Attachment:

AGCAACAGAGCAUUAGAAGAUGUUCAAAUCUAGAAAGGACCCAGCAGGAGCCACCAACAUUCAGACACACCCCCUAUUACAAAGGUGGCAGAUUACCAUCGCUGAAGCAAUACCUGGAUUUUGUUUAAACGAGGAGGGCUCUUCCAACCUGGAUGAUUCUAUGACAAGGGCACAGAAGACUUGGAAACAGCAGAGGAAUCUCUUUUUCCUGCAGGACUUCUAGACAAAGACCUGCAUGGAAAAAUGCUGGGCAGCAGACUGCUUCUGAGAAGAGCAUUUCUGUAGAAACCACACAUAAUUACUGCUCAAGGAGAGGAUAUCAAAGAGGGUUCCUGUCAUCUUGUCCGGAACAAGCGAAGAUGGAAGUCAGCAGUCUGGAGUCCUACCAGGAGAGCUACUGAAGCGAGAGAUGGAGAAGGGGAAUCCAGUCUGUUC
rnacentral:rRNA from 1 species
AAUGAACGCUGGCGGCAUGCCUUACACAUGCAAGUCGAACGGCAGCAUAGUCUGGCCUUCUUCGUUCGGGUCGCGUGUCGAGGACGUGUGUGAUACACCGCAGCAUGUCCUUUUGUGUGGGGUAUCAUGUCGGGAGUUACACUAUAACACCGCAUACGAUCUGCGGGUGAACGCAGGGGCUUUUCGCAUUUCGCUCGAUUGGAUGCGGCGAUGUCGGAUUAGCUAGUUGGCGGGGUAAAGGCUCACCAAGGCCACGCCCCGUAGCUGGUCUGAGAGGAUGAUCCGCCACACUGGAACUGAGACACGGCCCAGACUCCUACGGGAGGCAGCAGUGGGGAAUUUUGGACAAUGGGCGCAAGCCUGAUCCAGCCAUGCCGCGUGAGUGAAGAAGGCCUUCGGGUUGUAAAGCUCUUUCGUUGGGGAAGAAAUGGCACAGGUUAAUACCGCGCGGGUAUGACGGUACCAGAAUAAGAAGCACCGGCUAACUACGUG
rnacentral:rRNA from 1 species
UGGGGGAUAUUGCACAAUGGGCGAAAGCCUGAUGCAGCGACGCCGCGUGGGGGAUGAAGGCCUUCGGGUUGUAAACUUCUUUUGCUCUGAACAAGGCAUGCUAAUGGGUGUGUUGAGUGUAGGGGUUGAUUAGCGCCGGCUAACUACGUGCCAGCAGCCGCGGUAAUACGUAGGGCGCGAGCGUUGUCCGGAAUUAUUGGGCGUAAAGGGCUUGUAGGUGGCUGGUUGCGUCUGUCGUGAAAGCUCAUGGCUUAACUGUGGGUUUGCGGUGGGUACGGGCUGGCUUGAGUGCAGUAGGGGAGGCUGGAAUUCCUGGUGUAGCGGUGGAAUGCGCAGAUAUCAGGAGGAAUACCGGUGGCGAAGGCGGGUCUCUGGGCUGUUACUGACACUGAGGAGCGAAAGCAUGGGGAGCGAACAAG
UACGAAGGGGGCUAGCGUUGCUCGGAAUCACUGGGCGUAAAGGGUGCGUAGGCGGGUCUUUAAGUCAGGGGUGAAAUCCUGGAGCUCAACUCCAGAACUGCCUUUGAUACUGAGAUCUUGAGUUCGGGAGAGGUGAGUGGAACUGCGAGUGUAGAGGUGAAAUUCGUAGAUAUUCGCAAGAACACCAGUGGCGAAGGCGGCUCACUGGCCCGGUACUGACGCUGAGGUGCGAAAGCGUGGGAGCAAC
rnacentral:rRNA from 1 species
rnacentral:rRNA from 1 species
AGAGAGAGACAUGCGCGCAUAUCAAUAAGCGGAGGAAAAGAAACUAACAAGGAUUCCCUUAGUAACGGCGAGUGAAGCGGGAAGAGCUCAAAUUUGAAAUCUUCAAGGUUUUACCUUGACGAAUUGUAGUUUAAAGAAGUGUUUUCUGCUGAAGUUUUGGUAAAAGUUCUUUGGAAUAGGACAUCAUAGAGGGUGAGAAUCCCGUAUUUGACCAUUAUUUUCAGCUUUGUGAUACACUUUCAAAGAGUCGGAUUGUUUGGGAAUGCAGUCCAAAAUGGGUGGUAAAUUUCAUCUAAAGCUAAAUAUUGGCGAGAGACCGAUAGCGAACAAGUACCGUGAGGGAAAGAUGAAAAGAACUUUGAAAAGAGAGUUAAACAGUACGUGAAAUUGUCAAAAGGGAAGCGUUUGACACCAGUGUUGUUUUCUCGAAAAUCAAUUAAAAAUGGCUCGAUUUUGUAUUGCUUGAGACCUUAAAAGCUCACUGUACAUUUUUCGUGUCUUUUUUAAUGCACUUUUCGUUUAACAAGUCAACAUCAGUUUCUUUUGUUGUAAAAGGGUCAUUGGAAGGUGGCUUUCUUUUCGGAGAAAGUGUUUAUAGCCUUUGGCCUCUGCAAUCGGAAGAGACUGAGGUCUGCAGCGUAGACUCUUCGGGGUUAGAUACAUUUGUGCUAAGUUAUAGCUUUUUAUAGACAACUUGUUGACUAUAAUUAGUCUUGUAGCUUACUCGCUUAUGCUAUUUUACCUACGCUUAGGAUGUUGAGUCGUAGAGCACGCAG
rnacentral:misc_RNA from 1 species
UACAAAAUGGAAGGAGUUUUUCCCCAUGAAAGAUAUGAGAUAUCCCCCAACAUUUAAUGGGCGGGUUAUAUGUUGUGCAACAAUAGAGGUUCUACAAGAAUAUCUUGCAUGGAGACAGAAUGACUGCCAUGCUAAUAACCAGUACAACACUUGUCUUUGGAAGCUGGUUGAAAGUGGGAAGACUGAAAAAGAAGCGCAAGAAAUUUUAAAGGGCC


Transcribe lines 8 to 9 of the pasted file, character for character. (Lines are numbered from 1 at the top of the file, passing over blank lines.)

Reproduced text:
rnacentral:rRNA from 1 species
AGAGAGAGACAUGCGCGCAUAUCAAUAAGCGGAGGAAAAGAAACUAACAAGGAUUCCCUUAGUAACGGCGAGUGAAGCGGGAAGAGCUCAAAUUUGAAAUCUUCAAGGUUUUACCUUGACGAAUUGUAGUUUAAAGAAGUGUUUUCUGCUGAAGUUUUGGUAAAAGUUCUUUGGAAUAGGACAUCAUAGAGGGUGAGAAUCCCGUAUUUGACCAUUAUUUUCAGCUUUGUGAUACACUUUCAAAGAGUCGGAUUGUUUGGGAAUGCAGUCCAAAAUGGGUGGUAAAUUUCAUCUAAAGCUAAAUAUUGGCGAGAGACCGAUAGCGAACAAGUACCGUGAGGGAAAGAUGAAAAGAACUUUGAAAAGAGAGUUAAACAGUACGUGAAAUUGUCAAAAGGGAAGCGUUUGACACCAGUGUUGUUUUCUCGAAAAUCAAUUAAAAAUGGCUCGAUUUUGUAUUGCUUGAGACCUUAAAAGCUCACUGUACAUUUUUCGUGUCUUUUUUAAUGCACUUUUCGUUUAACAAGUCAACAUCAGUUUCUUUUGUUGUAAAAGGGUCAUUGGAAGGUGGCUUUCUUUUCGGAGAAAGUGUUUAUAGCCUUUGGCCUCUGCAAUCGGAAGAGACUGAGGUCUGCAGCGUAGACUCUUCGGGGUUAGAUACAUUUGUGCUAAGUUAUAGCUUUUUAUAGACAACUUGUUGACUAUAAUUAGUCUUGUAGCUUACUCGCUUAUGCUAUUUUACCUACGCUUAGGAUGUUGAGUCGUAGAGCACGCAG